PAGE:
We know how to crack the atom, blast into space, and unravel the genome, but we don’t have the foggiest idea WHY we sleep. There are theories, but none have been proven conclusively. It’s a tremendous mystery; why would mammals evolve to be unconscious and inert for long periods, when hungry predators are always looking for them? Obviously, we want to conserve the energy we get from food and not waste it all recklessly. But why not conserve energy by simply staying still and alert? Why embrace this vulnerability?
I was obsessed by the topic of sleep as a teenager, mainly because I never got enough of it. School went from 7:30 to 3:00, and getting out of bed in the morning was sheer agony. Being the proactive little teen that I was, I did some research and found that teenager’s circadian rhythms actually vary profoundly from adults. Teenagers don’t sleep late because they’re lazy and stay up late because they’re hyperactive and irresponsible. They try to stay up late and sleep late because that’s what the chemicals in their brains are literally forcing them to do. I created a three page handout on my research, with references to all the scientific papers, and presented it to the school board.
“Study after study has shown that teenagers learn better and remember more if they are allowed to follow their natural sleep rhythms ” I told them. “Please change the school schedule in a way that will allow us to embrace our full learning potential.” After my presentation, I was praised for my intelligence and initiative, given many pats on the head, and absolutely no action on my proposals. Apparently their approval of me did not extend so far as to cause them to act on my sensible suggestions.
This was my first experience with activism, and the experience has been pretty much consistent moving forward. People always pat me on the head for speaking up, then completely ignore whatever I had to say. If they don’t actually believe what I’m saying enough to act on it, why the pats on the head, I wonder? Are the pats simply an acknowledgement of what a cute little lady I am? If I was a large, angry black man, would they take me more seriously? Oh, to be a large, angry black man.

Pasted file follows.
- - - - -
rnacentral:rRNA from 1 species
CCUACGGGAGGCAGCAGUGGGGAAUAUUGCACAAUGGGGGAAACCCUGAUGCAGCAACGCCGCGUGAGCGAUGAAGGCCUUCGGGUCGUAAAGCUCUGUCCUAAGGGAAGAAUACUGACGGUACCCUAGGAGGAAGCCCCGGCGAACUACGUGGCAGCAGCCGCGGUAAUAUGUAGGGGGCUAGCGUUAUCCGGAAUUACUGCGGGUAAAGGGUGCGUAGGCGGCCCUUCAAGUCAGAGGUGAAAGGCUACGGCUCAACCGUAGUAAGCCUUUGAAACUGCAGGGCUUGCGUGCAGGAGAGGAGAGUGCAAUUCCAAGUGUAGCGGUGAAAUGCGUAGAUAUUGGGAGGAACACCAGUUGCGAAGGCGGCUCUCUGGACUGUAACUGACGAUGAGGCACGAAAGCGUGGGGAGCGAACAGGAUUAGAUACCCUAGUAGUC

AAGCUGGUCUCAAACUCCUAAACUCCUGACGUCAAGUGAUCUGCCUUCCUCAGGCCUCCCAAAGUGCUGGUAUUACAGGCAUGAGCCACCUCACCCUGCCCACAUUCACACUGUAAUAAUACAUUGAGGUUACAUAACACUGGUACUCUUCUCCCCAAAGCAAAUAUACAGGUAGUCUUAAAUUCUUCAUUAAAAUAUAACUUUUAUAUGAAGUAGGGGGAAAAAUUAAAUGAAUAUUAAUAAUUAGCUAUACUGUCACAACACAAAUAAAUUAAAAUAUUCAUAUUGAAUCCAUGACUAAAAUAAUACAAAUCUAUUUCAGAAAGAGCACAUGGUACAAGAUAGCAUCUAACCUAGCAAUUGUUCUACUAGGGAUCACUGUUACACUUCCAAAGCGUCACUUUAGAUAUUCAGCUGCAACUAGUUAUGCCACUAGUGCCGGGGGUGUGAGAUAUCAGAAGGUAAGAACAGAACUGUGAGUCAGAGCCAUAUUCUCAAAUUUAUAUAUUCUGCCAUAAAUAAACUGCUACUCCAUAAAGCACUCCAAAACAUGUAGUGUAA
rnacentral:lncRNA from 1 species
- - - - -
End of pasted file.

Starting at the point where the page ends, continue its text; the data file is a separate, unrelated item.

If humans don’t sleep, they start to go crazy in very interesting ways. One of the most memorable things I read in my sleep research was about a guy who decided to experiment on himself by staying awake as long as he possibly could. After a few days, he started seeing grayish-greenish feathers around the edge of his vision. A couple days more and he was staring to rave and hallucinate. Although human beings have enormous freedom, they apparently don’t have the freedom not to sleep– at least not for days on end.
The time you spend in the limbo between sleep and waking first thing in the morning is an interesting, and for me, actually a terrifying time. I don’t know if this happens too anyone else, but for me this is the time my insecurities come to attack. If I have an important appointment that day, I lie half awake thinking, “I’m going to miss the appointment. I’m going to miss the appointment. I’m going to miss the appointment because I’m an airhead who gets lost easily and I won’t be able to find my way to the building and everyone will hate me. HATE ME!” Or today, for example, I had committed to making banana pancakes for brunch. I lay half awake thinking, “What if we don’t have any bananas? What if we don’t have any bananas? It will be a disaster. It will be like I have betrayed my roommates and sent them crashing down to doom and bannana-pancake-less destruction.”
Only when I wake up am I able to get a grip. Then I say to myself, “The appointment is only two blocks away, and if you can’t find it, your iPhone can.” Then I say to myself, “You know, it’s not really a big deal. I’m sure I can find bananas, and if I can’t, I’ll just buy new ones.” It’s as if when I sleep, I’m vulnerable in more than the physical sense. My subconscious self, which apparently has all the emotional health of a kitten without a mommy, is during that time my only self. Then when I wake up, my conscious self sproings into action like steel walls springing up around me. My ego takes control, and I am confident. competent. full of action. going places. My engine is humming and ZOOM– it’s full speed ahead.
Maybe one psychological function of sleep is to check our hubris. After all, most of the time the world is vulnerable to us. Perhaps its only fair that for a few hours at a time, we be vulnerable to the world.